Almost 12 months after Harvey flooded over 200,000 homes in Houston, we continue to see remodeled homes coming on the market that are better than ever, yet they aren’t moving! When I spoke to one relocation agent last week, she said that only 1 out of 5 of her rental clients will consider a flooded home. Why are buyers and renters still reluctant to buy or lease a flooded home?
While I can blame some of the reluctance on the fact that many communities are still in the rebuilding process and neighborhoods are not yet fully restored to their former glory, I get the same response from many of my clients-they don’t want to consider a home that flooded. The big question that is looming in most people’s minds is what is the City or County doing to ensure that a flood of this nature will never happen again?
The $2.5 billion bond proposal vote that is outlined in the article below clearly identifies the flood control projects, confirming that the City of Houston and Harris County are making plans to prevent another Harvey. However, we need everyone to vote YES! The projected annual increase to our property taxes is $5 a year beginning in 2020. I think it is worth sacrificing the cost of one Starbucks coffee to insure the safety of our neighborhoods!
At Energy Realty, we are working hard to help neighborhoods recover and offering guidance to flooded home owners. The media continues to report that Houston home sales are at an “All-Time High”, yet I wonder if these numbers are skewed by the flooded homes that sold to investors. The Houston Chronicle reported that 1 out of 8 homes that sold six months after Harvey was a flooded home sold to an investor.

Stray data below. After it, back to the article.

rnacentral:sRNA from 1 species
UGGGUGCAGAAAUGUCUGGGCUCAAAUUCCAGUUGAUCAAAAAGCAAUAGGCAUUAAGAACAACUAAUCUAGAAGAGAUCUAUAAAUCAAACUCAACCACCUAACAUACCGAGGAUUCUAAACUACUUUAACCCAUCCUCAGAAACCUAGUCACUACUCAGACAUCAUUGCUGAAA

Based on what I am seeing in the Energy Corridor, Katy, and surrounding communities, homes are still taking longer than normal to sell, and prices are continuing to drop. Houston is a big city, so zip codes that were impacted by Harvey and the oil downturn have still not rebounded.
The good news is that relocation activity has picked up, and we are getting more calls daily about rentals. I am hoping to see a strong 4th quarter!
Happy New Year! 2018 ended with more of a thud than a bang as both oil prices and the stock market dropped in December. The national media is predicting a potential recession in 2019, but I have to recall that typically the Houston economy and real estate market does not
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